Wndsn Quadrant Telemeter: The Quadrant Side
The Quadrant side hosts an angular quadrant, an inclinometer, a shadow square, and trigonometric arcs.
There are several parts on our quadrant
- Vertex with slot for the string; all quadrant operations start here.
- Plumb line; index and measuring string of the front side nomograph with an added weight.
- Degree scale; difference in degrees from horizontal.
- Percent scale; difference in percent grade from horizontal (rise/run).
- Inclinometer scale; difference in degrees from vertical.
- 10-division shadow square.
- 12-division shadow square.
- Sine, cosine arcs and 60-division scale; converting angles.
- Obliquity arc; determining the sun's declination.
The angle scale
Along the curved side is a scale marked off in 90 degrees, grouped into ten and five degree sections. Used with the sights and a weighted string, the user can sight on a target and determine the angle of elevation by seeing where the weighted string lies on the angle scale.
The slope scale
Additional scale alongside the angle scale, expressing the percentage of slope, as in: 100 × rise / run.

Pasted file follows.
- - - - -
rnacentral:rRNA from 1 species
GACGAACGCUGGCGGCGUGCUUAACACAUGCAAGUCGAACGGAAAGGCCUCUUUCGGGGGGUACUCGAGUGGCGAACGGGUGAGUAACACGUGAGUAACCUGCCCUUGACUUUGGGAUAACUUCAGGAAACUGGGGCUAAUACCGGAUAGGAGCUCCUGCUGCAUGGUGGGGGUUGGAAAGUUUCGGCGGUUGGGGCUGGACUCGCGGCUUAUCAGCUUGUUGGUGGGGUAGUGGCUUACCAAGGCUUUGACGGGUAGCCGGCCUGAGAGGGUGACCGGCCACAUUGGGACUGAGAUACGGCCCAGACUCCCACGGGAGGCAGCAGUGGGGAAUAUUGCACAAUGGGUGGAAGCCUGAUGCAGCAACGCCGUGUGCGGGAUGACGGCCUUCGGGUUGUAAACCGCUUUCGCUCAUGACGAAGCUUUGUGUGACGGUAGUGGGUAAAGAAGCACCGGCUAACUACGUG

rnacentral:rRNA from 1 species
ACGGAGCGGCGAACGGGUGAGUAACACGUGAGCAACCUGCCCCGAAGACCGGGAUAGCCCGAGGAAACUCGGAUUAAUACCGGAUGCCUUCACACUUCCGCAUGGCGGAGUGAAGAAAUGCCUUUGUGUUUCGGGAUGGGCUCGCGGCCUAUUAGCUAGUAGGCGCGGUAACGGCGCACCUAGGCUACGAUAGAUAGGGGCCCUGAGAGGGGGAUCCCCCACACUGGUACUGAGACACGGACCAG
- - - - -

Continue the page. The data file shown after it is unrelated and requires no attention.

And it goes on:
The horizontal and vertical scales
Along each straight edge of the sine quadrant is a scale, traditionally divided into 60 units and subdivided into 12 five-unit sections. This base-60 (or sexagesimal) numbering is a hold-over from the ancient Babylonian number system that still survives in our divisions of time and angles. The horizontal scale is used for computing the sine of an angle, the vertical scale is used to compute the cosine of an angle.
The shadow square
The shadow square is used for surveying tasks such as finding heights, depths, and distances as well as for determining the tangent of a given angle.
The sine and cosine arcs
Two half-circle arcs, one centered on the sine scale, one centered on the cosine scale. These can be used in conjuction with the sine and cosine scales as an alternative method of converting angles.
The inclinometer scale
A 0.5° scale at the bottom of the instrument, going from 0° to 30°, used by (usually physically) aligning the left side of the instrument with the object to be measured, returning the difference to vertical, in degrees.
The obliquity arc
Another line of the sine quadrant is a circular arc centered on the origin point at the quadrant's right angle. With a radius of approximately 24 units, this arc is a projection of the earth's orbital obliquity (tilt). The purpose of this marking is to determine the sun's declination (angle above or below the equator) for any given day, allowing the user to then determine the sun's altitude at noon for that day.